The tide finally turns
Although Ontario appeared to be slowly gaining ground throughout the legal process, the Reillys’ won occasional skirmishes. In 2014, a court rebuffed the Attorney General’s motion to order the properties’ forfeiture in the middle of the lawsuit. “The paltry evidence yielded when the premises were comprehensively secured pursuant to the preservation order and months of police surveillance is somewhat at odds with the Applicant’s evidence as to a near frenzy of illegal activity,” wrote Madam Justice Mullins. “Relatively empowered, police were able to make few arrests and realized little contraband when they secured the properties after many months of concerted surveillance.”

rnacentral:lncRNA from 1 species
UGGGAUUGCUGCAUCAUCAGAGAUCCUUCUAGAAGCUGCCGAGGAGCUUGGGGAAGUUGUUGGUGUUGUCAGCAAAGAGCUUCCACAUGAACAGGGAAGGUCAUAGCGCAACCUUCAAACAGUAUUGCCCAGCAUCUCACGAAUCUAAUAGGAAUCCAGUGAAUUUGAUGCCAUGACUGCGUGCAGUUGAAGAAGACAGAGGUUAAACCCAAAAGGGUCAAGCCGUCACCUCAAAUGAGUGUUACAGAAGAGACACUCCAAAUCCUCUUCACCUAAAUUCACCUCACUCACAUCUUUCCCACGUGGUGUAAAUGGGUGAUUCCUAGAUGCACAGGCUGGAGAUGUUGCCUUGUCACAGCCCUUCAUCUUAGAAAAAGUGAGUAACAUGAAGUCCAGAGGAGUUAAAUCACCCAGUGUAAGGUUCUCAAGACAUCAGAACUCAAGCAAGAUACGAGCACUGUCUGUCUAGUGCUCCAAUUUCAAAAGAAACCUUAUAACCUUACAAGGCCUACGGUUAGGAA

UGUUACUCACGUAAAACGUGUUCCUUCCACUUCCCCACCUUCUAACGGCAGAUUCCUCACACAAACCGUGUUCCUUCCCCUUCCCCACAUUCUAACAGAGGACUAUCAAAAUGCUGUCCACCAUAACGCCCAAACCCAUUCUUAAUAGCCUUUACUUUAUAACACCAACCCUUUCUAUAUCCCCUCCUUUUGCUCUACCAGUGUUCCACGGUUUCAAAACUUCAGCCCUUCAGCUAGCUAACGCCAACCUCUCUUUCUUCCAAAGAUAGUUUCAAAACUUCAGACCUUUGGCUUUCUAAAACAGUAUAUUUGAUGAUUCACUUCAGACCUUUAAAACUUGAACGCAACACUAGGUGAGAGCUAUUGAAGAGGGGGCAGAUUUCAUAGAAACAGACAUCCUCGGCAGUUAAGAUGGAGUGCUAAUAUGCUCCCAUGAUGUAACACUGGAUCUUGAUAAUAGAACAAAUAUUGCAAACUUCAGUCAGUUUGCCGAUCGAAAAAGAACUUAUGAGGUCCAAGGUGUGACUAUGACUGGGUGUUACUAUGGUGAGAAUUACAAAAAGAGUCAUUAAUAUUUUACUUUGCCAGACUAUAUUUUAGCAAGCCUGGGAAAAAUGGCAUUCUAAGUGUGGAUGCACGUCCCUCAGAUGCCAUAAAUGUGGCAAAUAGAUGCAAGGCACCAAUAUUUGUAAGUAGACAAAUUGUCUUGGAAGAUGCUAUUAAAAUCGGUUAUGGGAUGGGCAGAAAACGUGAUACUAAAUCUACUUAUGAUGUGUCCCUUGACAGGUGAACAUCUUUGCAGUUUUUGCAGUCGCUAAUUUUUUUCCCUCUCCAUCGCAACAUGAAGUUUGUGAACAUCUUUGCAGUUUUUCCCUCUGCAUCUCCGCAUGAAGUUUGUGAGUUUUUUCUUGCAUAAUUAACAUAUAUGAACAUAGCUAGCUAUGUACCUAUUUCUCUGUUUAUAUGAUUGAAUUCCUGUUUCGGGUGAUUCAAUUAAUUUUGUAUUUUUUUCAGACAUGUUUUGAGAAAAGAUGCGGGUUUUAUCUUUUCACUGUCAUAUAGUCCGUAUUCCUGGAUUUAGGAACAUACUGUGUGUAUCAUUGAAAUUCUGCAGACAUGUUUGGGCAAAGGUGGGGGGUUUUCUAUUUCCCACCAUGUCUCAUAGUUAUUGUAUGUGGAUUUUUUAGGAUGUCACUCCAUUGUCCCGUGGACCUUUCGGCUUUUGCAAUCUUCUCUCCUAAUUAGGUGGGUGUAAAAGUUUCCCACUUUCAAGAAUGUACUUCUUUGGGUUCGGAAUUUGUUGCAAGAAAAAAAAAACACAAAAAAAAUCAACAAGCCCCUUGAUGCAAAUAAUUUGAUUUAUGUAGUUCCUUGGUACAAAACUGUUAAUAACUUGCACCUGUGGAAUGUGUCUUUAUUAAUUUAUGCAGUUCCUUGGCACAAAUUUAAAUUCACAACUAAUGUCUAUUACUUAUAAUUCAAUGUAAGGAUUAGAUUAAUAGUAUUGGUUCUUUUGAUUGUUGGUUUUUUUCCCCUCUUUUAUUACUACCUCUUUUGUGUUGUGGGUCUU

The seemingly never-ending ordeal was, unsurprisingly, hard on the previously gregarious couple. The stress contributed to marital problems, and they are now permanently separated. Maggie Reilly’s “health took a beating” and she started to require a walker to get around. “It was like having a dark cloud hanging over my head that whole time,” recalled Maggie, now 57, in a recent interview. “This has made me distrust the government, the police, and the Attorney General’s department. I always thought the police were there to serve and protect, but the corruption was startling. The police and the Attorney General’s office have no moral compass. It has shaken me to the core.” Terry has called the ordeal “a bloody nightmare” and said the financial damage made him fear that retirement would be impossible. He eventually moved to Sudbury where, at age 79, he now operates some rental properties.